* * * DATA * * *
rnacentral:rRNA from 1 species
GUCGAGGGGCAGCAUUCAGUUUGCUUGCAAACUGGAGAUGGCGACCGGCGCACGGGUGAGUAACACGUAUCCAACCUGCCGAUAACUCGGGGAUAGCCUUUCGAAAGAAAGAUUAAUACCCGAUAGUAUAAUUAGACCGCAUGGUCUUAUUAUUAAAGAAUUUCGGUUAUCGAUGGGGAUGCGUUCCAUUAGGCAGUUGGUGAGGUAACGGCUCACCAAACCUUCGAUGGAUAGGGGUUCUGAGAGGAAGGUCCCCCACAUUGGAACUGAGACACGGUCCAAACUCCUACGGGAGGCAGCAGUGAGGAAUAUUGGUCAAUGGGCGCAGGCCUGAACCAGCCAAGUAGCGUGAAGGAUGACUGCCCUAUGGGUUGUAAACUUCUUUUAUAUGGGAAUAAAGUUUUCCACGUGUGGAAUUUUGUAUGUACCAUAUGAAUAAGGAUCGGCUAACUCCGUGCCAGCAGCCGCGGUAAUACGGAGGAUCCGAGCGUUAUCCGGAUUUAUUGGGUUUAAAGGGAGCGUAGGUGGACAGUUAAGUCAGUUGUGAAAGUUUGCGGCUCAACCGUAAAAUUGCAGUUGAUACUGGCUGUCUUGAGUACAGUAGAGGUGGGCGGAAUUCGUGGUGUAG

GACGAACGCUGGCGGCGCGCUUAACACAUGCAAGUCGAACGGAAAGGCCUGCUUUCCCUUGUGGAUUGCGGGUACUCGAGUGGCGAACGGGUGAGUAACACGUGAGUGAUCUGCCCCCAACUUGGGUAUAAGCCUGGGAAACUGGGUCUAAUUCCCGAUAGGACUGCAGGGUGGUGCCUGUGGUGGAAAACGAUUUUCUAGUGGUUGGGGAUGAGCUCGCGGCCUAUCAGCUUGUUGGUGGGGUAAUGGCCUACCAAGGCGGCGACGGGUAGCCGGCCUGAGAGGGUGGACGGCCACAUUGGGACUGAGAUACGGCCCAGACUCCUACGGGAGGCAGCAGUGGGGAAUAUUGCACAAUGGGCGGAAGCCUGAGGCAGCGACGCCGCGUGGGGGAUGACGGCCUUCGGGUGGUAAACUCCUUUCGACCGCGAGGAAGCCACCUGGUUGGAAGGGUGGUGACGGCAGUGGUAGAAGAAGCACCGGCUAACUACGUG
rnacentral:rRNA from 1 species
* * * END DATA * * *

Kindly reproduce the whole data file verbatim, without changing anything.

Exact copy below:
rnacentral:rRNA from 1 species
GUCGAGGGGCAGCAUUCAGUUUGCUUGCAAACUGGAGAUGGCGACCGGCGCACGGGUGAGUAACACGUAUCCAACCUGCCGAUAACUCGGGGAUAGCCUUUCGAAAGAAAGAUUAAUACCCGAUAGUAUAAUUAGACCGCAUGGUCUUAUUAUUAAAGAAUUUCGGUUAUCGAUGGGGAUGCGUUCCAUUAGGCAGUUGGUGAGGUAACGGCUCACCAAACCUUCGAUGGAUAGGGGUUCUGAGAGGAAGGUCCCCCACAUUGGAACUGAGACACGGUCCAAACUCCUACGGGAGGCAGCAGUGAGGAAUAUUGGUCAAUGGGCGCAGGCCUGAACCAGCCAAGUAGCGUGAAGGAUGACUGCCCUAUGGGUUGUAAACUUCUUUUAUAUGGGAAUAAAGUUUUCCACGUGUGGAAUUUUGUAUGUACCAUAUGAAUAAGGAUCGGCUAACUCCGUGCCAGCAGCCGCGGUAAUACGGAGGAUCCGAGCGUUAUCCGGAUUUAUUGGGUUUAAAGGGAGCGUAGGUGGACAGUUAAGUCAGUUGUGAAAGUUUGCGGCUCAACCGUAAAAUUGCAGUUGAUACUGGCUGUCUUGAGUACAGUAGAGGUGGGCGGAAUUCGUGGUGUAG

GACGAACGCUGGCGGCGCGCUUAACACAUGCAAGUCGAACGGAAAGGCCUGCUUUCCCUUGUGGAUUGCGGGUACUCGAGUGGCGAACGGGUGAGUAACACGUGAGUGAUCUGCCCCCAACUUGGGUAUAAGCCUGGGAAACUGGGUCUAAUUCCCGAUAGGACUGCAGGGUGGUGCCUGUGGUGGAAAACGAUUUUCUAGUGGUUGGGGAUGAGCUCGCGGCCUAUCAGCUUGUUGGUGGGGUAAUGGCCUACCAAGGCGGCGACGGGUAGCCGGCCUGAGAGGGUGGACGGCCACAUUGGGACUGAGAUACGGCCCAGACUCCUACGGGAGGCAGCAGUGGGGAAUAUUGCACAAUGGGCGGAAGCCUGAGGCAGCGACGCCGCGUGGGGGAUGACGGCCUUCGGGUGGUAAACUCCUUUCGACCGCGAGGAAGCCACCUGGUUGGAAGGGUGGUGACGGCAGUGGUAGAAGAAGCACCGGCUAACUACGUG
rnacentral:rRNA from 1 species